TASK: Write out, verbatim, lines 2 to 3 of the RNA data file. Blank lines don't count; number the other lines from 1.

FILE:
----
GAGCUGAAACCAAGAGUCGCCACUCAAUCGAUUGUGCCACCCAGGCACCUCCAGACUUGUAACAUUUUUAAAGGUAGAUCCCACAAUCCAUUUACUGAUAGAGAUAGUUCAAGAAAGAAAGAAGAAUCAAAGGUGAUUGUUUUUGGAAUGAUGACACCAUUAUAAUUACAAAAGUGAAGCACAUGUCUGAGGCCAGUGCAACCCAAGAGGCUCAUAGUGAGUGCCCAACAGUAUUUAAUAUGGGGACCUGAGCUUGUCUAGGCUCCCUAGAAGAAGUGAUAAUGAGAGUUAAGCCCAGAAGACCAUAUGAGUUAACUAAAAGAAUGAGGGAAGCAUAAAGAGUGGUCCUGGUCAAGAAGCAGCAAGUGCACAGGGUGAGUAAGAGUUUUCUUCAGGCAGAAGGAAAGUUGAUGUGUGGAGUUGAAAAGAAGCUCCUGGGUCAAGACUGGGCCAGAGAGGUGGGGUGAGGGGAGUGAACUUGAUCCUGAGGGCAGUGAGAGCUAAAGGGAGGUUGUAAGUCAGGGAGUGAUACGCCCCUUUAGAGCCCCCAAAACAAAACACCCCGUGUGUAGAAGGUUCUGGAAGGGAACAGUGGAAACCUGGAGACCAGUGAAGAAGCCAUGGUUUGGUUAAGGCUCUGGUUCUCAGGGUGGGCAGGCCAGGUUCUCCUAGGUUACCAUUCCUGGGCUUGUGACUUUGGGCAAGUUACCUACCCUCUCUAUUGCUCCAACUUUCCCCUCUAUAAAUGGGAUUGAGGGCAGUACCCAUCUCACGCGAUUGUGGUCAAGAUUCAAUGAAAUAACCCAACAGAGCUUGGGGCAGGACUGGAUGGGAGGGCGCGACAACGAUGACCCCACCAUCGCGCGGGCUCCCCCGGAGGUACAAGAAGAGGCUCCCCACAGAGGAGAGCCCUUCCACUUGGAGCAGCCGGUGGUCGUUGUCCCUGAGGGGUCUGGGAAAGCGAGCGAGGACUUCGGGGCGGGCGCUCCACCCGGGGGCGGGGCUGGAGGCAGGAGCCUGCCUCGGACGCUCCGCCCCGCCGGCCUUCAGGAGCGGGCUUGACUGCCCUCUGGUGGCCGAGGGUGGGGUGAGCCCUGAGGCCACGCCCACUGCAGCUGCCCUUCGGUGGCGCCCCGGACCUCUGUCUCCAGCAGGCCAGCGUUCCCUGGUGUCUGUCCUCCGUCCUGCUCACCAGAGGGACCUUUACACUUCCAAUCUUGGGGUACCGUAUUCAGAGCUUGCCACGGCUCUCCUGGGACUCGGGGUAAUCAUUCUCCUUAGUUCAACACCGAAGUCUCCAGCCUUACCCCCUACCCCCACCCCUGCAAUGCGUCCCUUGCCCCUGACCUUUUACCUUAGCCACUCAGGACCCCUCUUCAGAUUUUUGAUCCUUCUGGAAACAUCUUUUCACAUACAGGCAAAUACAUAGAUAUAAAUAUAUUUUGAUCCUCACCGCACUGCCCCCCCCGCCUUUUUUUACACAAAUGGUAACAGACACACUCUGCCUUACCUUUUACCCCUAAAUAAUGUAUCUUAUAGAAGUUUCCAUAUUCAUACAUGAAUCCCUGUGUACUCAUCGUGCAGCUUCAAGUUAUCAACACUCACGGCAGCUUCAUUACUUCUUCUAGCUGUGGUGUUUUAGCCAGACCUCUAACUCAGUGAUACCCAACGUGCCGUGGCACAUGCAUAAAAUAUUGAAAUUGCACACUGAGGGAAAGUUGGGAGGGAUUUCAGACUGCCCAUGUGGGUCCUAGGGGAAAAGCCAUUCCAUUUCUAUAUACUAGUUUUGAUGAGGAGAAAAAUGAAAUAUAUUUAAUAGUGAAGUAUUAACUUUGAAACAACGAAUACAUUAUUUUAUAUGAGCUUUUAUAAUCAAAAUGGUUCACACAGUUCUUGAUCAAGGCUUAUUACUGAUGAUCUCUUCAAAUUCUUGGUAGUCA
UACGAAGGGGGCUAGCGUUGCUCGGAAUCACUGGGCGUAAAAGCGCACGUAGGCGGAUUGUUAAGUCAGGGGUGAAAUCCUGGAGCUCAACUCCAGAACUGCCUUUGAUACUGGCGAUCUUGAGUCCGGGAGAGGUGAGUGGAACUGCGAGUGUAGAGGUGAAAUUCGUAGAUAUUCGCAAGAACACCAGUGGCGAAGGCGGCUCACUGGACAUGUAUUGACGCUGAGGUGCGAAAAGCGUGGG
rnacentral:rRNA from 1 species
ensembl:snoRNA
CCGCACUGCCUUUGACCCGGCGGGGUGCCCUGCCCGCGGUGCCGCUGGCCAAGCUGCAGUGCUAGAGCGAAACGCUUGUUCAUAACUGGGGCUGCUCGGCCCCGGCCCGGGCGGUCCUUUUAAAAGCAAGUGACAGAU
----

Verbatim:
UACGAAGGGGGCUAGCGUUGCUCGGAAUCACUGGGCGUAAAAGCGCACGUAGGCGGAUUGUUAAGUCAGGGGUGAAAUCCUGGAGCUCAACUCCAGAACUGCCUUUGAUACUGGCGAUCUUGAGUCCGGGAGAGGUGAGUGGAACUGCGAGUGUAGAGGUGAAAUUCGUAGAUAUUCGCAAGAACACCAGUGGCGAAGGCGGCUCACUGGACAUGUAUUGACGCUGAGGUGCGAAAAGCGUGGG
rnacentral:rRNA from 1 species